All posts tagged 'flight training'

Tips for Becoming a CFI That You Don't Learn in Training

Okay...some of these tips you actually are likely to learn in training BUT I'm writing to give you all of these just in case you don't. 

1) Congrats on deciding to become a CFI! It's a lot of work, it's not always the easiest job, but it is so rewarding and is a great way to give back to aviation. If there is a NUMBER ONE tip that I can give you, it's to make each flight lesson fun and positive if you can.

Now...by this I don't mean to make it your goal to have students laughing and to "baby their feelings" so to speak. But students learn through positive affirmation and feeling association. If you make every lesson 100% serious the entire time where they never have fun, make them feel like they're a terrible pilot by only giving negative feedback and create a stressful environment for them to learn in....they're not going to learn well and may even leave you for another instructor. 

Flight training is dangerous and expensive, meaning you always want to be safe and stay as productive as possible to keep someone moving forward in their training. But this can be done while having a good time and having students look forward to lessons with you.

You'll learn this when reading through Fundamentals of Instruction (FOI's). But this is what you should take away from it. It's important to understand how students learn. Thank back to you when you were a student pilot. What did you like from your training and what did you not like? What constituted a productive day for you and made you confident in your flying? Take these characteristics and use it to make yourself a better instructor.

 This meme of Bob Ross is comical but it applies to this! If a student has a bad landing that wasn't super dangerous and broke anything but it just could've been a lot better.....are you going to yell at them or give them a good critique to make it better next time? Think about what will be most beneficial for THEM. This is their training and it's our job to make it great. If they keep making the same mistake over and over again....maybe it's time for a firm critique that lets them know you're serious. If this is the first time they did this....let them know to stay away from those "happy little impacts" ;)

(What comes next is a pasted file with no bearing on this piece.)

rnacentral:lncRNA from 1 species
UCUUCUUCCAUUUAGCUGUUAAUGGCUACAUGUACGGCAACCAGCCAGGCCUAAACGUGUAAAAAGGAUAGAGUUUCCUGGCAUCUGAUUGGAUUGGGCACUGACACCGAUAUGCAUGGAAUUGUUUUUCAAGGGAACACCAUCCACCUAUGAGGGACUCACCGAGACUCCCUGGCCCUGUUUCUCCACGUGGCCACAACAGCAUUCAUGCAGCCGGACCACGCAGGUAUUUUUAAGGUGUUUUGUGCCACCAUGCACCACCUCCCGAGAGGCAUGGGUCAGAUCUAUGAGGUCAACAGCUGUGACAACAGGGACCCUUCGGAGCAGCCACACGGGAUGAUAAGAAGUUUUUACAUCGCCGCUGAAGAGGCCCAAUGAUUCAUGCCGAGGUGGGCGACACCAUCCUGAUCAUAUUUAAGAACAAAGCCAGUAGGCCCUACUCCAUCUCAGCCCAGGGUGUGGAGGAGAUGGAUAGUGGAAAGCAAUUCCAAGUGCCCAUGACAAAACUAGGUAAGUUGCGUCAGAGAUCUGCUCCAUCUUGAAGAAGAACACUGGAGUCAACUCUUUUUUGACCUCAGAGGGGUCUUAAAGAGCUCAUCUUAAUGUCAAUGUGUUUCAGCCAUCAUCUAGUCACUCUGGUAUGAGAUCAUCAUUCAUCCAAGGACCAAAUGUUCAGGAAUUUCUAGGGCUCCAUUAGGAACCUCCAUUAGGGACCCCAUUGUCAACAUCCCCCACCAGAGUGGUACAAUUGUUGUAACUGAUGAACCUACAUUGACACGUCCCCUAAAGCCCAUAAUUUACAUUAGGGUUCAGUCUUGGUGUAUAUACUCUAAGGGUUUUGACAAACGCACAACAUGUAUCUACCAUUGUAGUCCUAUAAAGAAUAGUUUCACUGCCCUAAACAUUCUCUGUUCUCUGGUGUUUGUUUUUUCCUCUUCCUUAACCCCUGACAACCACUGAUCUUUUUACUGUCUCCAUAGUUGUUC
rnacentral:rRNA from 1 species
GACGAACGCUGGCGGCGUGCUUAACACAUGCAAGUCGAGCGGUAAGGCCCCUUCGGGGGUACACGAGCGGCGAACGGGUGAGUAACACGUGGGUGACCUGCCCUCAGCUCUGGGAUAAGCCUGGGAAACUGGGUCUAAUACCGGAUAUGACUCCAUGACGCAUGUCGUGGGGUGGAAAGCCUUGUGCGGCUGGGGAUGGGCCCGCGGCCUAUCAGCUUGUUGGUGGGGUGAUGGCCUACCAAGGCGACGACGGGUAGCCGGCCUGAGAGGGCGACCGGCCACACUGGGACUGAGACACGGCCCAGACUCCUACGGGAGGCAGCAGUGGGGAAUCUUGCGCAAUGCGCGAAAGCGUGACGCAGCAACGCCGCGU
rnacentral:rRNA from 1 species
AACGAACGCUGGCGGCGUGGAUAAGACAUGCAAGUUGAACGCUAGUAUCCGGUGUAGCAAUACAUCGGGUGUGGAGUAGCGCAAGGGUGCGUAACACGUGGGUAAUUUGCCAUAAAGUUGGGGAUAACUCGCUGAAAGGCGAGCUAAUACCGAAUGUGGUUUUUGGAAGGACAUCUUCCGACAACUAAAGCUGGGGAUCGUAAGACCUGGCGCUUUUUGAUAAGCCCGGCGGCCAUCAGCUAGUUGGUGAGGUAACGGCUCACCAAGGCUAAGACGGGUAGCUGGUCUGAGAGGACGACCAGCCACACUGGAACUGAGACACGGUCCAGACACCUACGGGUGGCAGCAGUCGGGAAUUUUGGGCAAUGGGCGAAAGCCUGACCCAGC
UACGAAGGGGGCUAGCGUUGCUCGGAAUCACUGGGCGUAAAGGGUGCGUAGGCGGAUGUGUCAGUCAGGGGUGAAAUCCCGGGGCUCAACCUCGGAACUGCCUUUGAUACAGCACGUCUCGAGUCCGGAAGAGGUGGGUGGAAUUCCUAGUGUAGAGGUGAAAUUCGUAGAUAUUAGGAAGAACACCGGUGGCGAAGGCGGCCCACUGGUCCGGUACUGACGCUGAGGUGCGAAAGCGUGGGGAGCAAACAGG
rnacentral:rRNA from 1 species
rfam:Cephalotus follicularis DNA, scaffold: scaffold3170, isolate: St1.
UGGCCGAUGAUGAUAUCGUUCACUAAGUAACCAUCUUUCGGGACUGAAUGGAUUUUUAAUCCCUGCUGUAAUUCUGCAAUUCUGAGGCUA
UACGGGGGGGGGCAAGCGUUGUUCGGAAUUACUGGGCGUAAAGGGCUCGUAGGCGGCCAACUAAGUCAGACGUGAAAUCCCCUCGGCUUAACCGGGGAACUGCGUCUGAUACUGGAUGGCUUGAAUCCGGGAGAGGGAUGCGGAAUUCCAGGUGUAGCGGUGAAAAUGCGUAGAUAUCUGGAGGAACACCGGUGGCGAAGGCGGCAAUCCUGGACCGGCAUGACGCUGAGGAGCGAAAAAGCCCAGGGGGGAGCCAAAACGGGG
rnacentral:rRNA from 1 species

2) Learn to have patience. Mannnnnnnn ohhhhhhhhhhhh mannnnnnnnnnnnn did I wish someone had prepared me for this more! There will almost ALWAYS be those students who don't study, don't pay attention to what you teach, don't take your advice....the list goes on. It's not worth your peace to lose your nerve every single time it happens. If you have a bad student you have a bad student. At some point the effort to shape them into something better ends and you give them an ultimatum of either: make a change or don't continue flight training. At the end of the day you still have to put yourself first. Becoming an instructor shouldn't mean you lose your sanity. So you HAVE to have patience with people.

3) Learn to have a crazy schedule. As much as you will try to have a set work schedule to follow, it just is hard to keep. Students will cancel, aircraft will break, weather will turn bad...the list goes on. Expect there to always be change and embrace (and that goes for the rest of your career in aviation too). 

4) Take a day off here and there and treat yourself. For anyone who watches Parks & Rec, it's like Donna and Tom would do: treat yo self day! Because you deserve it. This will be something that you'll learn is essential 2-3 months into being an instructor with a pretty good going schedule. Like I said earlier, being an instructor is not easy. You can have a crazy work schedule, bad students who test your sanity, you'll fight with weather and maintenance on almost a daily basis etc. And remember this: your students will almost always want to fly but that doesn't mean you have to. Learn to say no! If you work 12 hour days 7 days a week, you'll be burned out before you know it. And then you'll need a serious treat yo self day. So, take a day off here and there from flying and go do something you enjoy doing that allows you to relax. It'll be amazing the refresh it can give you. 

And of course, the best way to treat yourself is to buy a plane from your favorite website ever Globalair.com. It's okay...we know you love us, you don't have to admit it out loud ;)

If you have any tips you want to add or personal learning experiences that shaped you into a better instructor feel free to add! We're an aviation community and all here to help each other. 

Until next time, blue skies and tailwinds!

How to Overcome Plateaus in Student Training

Students reach plateaus during flight training for all different types of reasons. 

  • - Money
  • - Time
  • - Opportunity
  • - Studying
  • - Negative training

... and the list goes on. There are multiple factors that can have a negative effect on flight training. Let's talk about how to overcome them.

Pictured above is one of our students James that recently passed a check ride. James is one of the common examples of reaching a learning plateau. He actually had all the ground knowledge he needed, studied at home, had the finances to fly...but he just didn't have the time. 

Just a small insight into him, his full time job requires him to leave the country for extended periods of time (aka no flight training while he's gone).